Fifty years after World War II, a small group of Americans launched a campaign to confront the world with the fact that many assets looted by the Nazis had never been returned to their owners. Backed by class-action lawsuits and threats of economic sanctions, they mounted a vigorous challenge against some of the world's largest corporations and governments to demand billions of dollars. But what began as a moral crusade soon became a bare-knuckle battle that opened up painful debates about whether money can ever compensate for the horrors of the Holocaust.
John Authers and Richard Wolffe offer a spellbinding investigative account of this momentous international struggle. The Victim's Fortune captures the personalities, ruthless tactics, and moral dilemmas surrounding the fight over compensation -- all unfolding against the backdrop of one of the darkest moments in human history.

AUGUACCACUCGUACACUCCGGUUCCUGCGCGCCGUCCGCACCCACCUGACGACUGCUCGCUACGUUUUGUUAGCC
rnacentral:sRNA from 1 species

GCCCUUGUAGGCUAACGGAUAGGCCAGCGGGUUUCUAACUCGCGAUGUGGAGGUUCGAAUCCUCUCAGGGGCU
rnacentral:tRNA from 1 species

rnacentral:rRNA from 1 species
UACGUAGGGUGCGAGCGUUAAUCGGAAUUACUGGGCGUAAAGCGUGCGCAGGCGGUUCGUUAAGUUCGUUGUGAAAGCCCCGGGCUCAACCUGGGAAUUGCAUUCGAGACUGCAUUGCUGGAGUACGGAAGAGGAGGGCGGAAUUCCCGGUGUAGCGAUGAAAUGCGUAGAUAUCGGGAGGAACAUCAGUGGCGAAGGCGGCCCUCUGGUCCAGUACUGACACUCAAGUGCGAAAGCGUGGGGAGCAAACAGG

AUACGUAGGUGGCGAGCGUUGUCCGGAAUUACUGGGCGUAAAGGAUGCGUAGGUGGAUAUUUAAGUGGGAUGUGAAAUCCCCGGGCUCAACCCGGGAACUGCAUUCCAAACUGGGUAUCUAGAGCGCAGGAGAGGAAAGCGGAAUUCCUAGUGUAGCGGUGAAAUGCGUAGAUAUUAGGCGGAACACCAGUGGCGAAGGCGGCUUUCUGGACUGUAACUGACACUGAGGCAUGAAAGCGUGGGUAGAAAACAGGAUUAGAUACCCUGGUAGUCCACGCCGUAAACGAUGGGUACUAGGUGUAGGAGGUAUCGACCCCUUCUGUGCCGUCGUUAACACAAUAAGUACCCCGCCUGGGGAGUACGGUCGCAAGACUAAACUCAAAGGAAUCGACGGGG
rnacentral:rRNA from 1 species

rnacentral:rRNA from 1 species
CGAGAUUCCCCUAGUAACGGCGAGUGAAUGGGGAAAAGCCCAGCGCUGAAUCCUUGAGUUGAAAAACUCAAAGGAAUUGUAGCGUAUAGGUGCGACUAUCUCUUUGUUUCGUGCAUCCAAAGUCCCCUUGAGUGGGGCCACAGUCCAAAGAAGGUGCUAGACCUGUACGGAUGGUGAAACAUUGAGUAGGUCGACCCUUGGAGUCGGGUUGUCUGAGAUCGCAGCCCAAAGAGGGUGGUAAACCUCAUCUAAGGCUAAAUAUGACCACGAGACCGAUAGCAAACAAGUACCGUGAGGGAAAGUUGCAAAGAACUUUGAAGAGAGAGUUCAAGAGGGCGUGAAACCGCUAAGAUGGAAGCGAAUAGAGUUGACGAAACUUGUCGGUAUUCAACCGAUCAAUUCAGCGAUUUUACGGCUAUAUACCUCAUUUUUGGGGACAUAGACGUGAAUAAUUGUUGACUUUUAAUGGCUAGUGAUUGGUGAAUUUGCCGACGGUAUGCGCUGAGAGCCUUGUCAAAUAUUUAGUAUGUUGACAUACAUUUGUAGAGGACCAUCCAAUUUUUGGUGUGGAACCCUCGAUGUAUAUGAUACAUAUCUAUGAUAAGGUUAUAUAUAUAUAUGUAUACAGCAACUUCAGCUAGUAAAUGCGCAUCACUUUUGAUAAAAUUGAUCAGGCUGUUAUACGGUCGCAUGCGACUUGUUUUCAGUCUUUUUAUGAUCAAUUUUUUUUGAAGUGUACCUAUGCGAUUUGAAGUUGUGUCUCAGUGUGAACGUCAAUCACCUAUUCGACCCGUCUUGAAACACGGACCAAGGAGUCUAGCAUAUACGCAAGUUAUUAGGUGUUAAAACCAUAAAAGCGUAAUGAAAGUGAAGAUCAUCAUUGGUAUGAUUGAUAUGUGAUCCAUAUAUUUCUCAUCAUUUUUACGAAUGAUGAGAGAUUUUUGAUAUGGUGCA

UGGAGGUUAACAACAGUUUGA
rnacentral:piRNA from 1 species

"You can't make the dead good again. We can only take a modicum of justice--a modicum of attempting to somehow right wrongs in a small way for those who are still alive." So remarked a Holocaust survivor on receiving compensation--small, but meaningful--for the tortures he had suffered six decades before. That compensation, for him and thousands of other victims, was a long time in coming. When it did, it was not done out of innate goodness on, say, the part of the banks of Switzerland, which had held billions of dollars deposited there by men and women who would not live to claim them--even though, financial journalists Authers and Wolffe are quick to remark, those banks were staffed by good and well-intentioned people. What compelled those banks, along with companies and governments throughout the world, to do so was massive legal action, a chain of class-action lawsuits that stretched out for half a decade, brought on by lawyers, victims, and civil rights groups in a dense storm of argumentation. In this careful, complex study, Authers and Wolffe detail how these actions took shape against very long odds. Their book is a fascinating case study in justice served--if, some critics continue to charge, too little and too late. --Gregory McNamee